Written by: Wesley Thomas
I can’t remember if I actually took a breath during this movie.
The tension and suspense was so high, it fuelled the entire story.
Right from the very start we are thrown into the inner turmoil that Donna (Brittany Snow) has endured, and is about to endure even further.
Not too long ago Donna had a science teacher (Johnathon Schaech) develop a very unhealthy obsession with her, which drove him to murder her parents in order to get to her.
This left her in the care of her Aunt and Uncle.
The teacher was then sent to prison, but it soon becomes obvious with the panicked police piling on the scene, that he has escaped.
This catapults an entourage of scenes compiled of worried police officers nervous at the fate of Donna. All convinced he has escaped with the sole purpose of tracking her down and either killing or abducting her.
The acting is impressive from the entire cast, but a mentioning has to go to Brittany Snow, who portrays suffering, and pure terror when she realises what is going on.
Johnathon Schaech also creates chills in his petrifying character, who eliminates many unsuspecting victims without a moments hesitation.
But yet when it comes to Donna, in his warped mind, he still believes she wants to run away with him.
All this could not come at a worse time, as the unknown location of a very dangerous individual has many people’s blood pumping, but the students are also very anxious, but this is due to their senior prom. A night of pressure to look good, where you’re surrounded by your peers who will be judging and some even mocking you. This is an interesting device, there are many horror movies with the main plot being a man wants to find a girl, and either execute, torment, or capture her. But this is often among monotonous daily lives of boring people.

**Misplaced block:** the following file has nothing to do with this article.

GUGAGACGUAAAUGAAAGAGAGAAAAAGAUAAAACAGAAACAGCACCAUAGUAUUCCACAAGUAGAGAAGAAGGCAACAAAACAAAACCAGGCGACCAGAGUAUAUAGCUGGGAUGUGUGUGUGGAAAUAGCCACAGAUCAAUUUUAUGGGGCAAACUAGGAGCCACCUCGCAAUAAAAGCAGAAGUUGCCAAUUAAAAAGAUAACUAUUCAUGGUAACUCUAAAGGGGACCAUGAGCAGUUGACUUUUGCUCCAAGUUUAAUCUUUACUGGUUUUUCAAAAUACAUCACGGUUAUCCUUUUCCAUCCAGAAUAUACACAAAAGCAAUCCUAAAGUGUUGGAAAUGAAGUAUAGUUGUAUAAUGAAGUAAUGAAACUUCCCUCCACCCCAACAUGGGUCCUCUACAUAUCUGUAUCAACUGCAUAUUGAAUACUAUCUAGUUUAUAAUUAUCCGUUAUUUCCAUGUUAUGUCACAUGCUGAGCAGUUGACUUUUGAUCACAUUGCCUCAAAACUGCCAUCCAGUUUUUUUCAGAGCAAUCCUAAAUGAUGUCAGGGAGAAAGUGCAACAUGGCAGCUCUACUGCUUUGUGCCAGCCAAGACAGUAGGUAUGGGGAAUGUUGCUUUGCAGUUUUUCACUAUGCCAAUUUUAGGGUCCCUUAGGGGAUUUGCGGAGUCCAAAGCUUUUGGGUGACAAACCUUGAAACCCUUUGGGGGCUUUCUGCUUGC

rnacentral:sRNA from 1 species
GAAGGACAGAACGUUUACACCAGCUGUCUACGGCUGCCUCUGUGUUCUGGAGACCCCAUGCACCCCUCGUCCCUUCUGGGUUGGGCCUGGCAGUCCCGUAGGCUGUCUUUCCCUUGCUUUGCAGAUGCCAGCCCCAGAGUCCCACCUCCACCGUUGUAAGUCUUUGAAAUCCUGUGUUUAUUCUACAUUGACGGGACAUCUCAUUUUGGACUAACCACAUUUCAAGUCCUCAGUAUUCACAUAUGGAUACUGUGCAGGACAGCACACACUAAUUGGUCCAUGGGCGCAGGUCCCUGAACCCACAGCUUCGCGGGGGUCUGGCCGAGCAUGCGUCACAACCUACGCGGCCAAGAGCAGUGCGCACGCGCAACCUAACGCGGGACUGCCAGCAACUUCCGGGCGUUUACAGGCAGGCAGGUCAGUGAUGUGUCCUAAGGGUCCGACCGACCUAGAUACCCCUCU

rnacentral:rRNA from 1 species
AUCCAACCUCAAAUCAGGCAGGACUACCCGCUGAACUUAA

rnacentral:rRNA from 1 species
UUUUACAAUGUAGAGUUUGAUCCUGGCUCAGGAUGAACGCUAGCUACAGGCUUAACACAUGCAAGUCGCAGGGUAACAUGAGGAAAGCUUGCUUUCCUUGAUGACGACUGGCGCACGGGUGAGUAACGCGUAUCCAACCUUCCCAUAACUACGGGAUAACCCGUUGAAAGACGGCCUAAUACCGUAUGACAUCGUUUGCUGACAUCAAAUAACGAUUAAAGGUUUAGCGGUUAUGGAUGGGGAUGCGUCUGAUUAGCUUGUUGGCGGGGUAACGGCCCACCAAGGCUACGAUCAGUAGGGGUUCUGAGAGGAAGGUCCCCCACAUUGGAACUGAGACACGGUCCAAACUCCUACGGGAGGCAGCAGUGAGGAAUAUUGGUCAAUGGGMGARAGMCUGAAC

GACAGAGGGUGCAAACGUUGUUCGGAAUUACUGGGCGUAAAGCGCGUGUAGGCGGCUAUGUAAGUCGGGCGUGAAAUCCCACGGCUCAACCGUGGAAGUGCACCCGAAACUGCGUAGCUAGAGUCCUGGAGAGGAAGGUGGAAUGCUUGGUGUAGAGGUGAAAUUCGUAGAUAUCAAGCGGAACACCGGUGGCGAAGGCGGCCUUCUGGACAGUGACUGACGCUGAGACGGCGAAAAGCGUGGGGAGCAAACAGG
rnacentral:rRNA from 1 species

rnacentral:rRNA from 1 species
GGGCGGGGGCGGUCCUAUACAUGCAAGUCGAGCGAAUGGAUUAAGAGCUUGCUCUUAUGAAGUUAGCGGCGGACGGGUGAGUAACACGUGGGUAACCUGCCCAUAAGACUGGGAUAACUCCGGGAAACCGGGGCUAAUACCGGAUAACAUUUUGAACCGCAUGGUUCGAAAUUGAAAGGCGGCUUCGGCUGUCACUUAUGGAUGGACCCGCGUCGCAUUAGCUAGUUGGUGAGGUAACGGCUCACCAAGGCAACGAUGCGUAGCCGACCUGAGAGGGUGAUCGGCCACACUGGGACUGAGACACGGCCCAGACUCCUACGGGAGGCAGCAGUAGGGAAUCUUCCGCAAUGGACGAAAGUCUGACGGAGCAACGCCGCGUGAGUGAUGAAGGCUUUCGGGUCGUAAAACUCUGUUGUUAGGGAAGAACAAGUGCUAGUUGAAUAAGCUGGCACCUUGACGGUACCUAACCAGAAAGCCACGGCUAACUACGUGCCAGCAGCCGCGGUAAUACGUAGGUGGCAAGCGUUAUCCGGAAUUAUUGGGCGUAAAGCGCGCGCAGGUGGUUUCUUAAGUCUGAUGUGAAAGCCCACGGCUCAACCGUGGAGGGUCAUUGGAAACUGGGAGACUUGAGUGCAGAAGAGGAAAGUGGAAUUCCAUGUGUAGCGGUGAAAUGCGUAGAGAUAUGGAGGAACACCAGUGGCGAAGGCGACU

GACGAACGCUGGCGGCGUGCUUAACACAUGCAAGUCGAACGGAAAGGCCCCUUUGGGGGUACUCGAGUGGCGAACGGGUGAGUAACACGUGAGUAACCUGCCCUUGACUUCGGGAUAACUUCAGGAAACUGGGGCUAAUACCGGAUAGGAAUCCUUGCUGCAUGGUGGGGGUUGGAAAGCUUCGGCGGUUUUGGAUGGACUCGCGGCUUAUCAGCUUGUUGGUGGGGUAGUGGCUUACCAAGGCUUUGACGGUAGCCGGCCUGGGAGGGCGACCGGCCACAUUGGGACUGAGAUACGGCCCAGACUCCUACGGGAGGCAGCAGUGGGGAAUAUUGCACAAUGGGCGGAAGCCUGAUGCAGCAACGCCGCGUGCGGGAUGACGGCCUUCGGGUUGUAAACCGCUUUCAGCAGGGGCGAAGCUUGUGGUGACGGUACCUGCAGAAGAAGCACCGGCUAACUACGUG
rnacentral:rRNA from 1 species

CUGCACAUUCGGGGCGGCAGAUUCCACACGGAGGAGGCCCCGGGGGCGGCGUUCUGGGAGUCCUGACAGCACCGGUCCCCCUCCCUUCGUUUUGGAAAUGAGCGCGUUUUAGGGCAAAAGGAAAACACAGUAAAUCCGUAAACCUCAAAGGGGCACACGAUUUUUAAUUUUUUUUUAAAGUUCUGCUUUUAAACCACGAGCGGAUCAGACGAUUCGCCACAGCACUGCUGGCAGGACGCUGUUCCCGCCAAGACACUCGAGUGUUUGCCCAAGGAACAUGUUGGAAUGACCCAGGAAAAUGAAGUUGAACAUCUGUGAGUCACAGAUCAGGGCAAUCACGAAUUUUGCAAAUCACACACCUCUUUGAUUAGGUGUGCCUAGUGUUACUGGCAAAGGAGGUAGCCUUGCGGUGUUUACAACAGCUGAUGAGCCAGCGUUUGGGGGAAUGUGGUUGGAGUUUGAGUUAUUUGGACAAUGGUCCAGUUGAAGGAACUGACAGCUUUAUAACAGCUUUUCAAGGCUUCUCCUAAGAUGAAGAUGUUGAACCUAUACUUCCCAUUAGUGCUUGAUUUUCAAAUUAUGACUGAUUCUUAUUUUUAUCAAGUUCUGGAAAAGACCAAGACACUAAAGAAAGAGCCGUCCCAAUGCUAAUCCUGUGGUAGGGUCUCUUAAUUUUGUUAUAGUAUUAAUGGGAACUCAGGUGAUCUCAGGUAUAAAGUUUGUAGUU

But adding the convention of having him finally track her down at her high school prom, is genius.
As every time she has to disappear to the hotel room, or the bathroom, the audience wonders if this time he will finally be reunited with her, or will a friend hop along for the journey and thwart his plans.
The gritty and ‘real’ way in which Mr Fenton slaughters, rips and slits is fantastic.
Much of our modern day horror flicks thrive themselves on devising new and revolutionary ways to kill people (Saw, Hostel) but there is something deeply disturbing about a man who simply snaps, grabs a knife and goes on a killing spree.
The technical aspects are also something to boast about, the lighting in many moments adds to the fright, as it highlights the teacher hiding in wait to force demise on several people.
Music is cleverly used, not abused, but its full use is definitely exploited, a nice background theme is apparent in the build up to a murder scene, but in the moment just before we anticipate the man jumping out of the darkness, silence prevails, leaving us in a void of unawareness. Not knowing what is going to happen next.
This gem also begs the all too common question in this genre, why investigate a strange noise?
But many horror veterans have answered this question implying that if a horror film portrayed a safe, sane reaction, then there would be no point in making horror.
As Hitchcock once said ‘always make the audience suffer as much as possible’.
The director Nelson McCormick was feeling particularly sadistic when directing this by using the suspense scare and the jolt scare simultaneously.
Whereby the music is building a thick tension within us to an almost intolerable level, only to dissipate and jolt us at an insignificant scare, when it becomes apparent that it actually was just a noise, or something silly such as an item falling on the floor, or wind blowing a door shut.
This happens quite frequently, which I feel is a great element of this film.
Overall the ride was full of jerks, scares, chills, and many, many annihilations.
Mixed in with some admirable acting, and clever twists.